CHINA DIGITAL AD TRENDS
Multiple Forces Driving Growth
Digital ad spending will account for roughly one-third of total media ad investment in China in 2014. Over the next several years, that proportion is set to climb even higher, as digital ad spending gains outpace China’s overall ad spending growth throughout the forecast period.
Search, mobile and online video are important contributors to the total growth of digital in China. Meanwhile, social networks and social chat channels are opening up new opportunities with huge audiences.
This report examines the state of digital advertising in China, with a consideration of the impact of economic, social and regulatory trends. In addition, the report looks at some of the key drivers for digital ad spending growth.
Ad spending across all media in China will grow a healthy 8.2% this year, according to latest estimates for the country. While that growth rate represents a slight easing from the 8.4% increase in 2013, it will still outstrip China’s stated target growth rate of 7.5% in 2014.
One reason for ad spending’s healthy growth outlook is an ongoing effort by China’s government to reduce the economy’s reliance on investment and exports and instead increase domestic consumption. This is likely to drive gains for advertising in sectors such as fast moving consumer packaged goods (FMCG), travel, financial services and luxury products, among others.
However, the overall economy has shown signs of slowing growth, which has led some to wonder about the outlook for advertising budgets.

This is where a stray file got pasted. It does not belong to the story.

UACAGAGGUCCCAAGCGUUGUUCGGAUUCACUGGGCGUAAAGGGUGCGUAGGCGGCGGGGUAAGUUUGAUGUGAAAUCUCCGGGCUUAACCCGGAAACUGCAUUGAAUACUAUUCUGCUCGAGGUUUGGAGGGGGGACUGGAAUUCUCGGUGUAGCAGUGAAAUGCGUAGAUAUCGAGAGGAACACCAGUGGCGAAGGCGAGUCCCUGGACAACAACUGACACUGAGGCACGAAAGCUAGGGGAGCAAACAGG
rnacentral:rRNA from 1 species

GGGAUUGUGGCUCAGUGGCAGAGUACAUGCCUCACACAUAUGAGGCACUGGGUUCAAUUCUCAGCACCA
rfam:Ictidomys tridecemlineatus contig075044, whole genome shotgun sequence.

Thus far, ad spending hasn’t felt the squeeze, said Eugene Chew, chief digital officer at JWT Shanghai. “We still think that overall advertising spending in China will still go up, maybe by about 6% or 7% this year.”
Moreover, if slower economic growth does crimp ad spending, digital ad investment may not necessarily feel the pinch as leading marketers shift a larger portion of their spending to digital channels. “When the economy slows down, the first budget item that gets questioned is marketing spend in general,” said Brent Cohen, managing director and founder of Beijing-based Asia Media Services Ltd., an advertising, marketing and public relations firm. “[But] within that subset, the very first line item that gets pared back is branding, with emphasis shifting [instead] to performance marketing.”
That emphasis on performance is part of a confluence of factors driving a swing in budget allocation away from traditional media channels—TV and print in particular— and toward digital advertising.
“We see more brands allocating their resources from traditional TV to digital media in their pursuit of more integration,” said Andy Wang, North Region deputy general manager at Neo@Ogilvy. “Very generally speaking, a possible shakeout will mainly affect print and TV media.”
ZenithOptimedia’s “Advertising Expenditure Forecasts” report, released in June 2013, predicted a 4.1% gain in TV ad spending in China in 2014, to $16.7 billion. The ZenithOptimedia estimate suggested that only newspaper investment will decline in 2014, while budgets for all other traditional formats will grow, but at slower rates than in 2013. In TV’s case, spending increases will have slackened considerably from the double-digit gains seen just a few years earlier.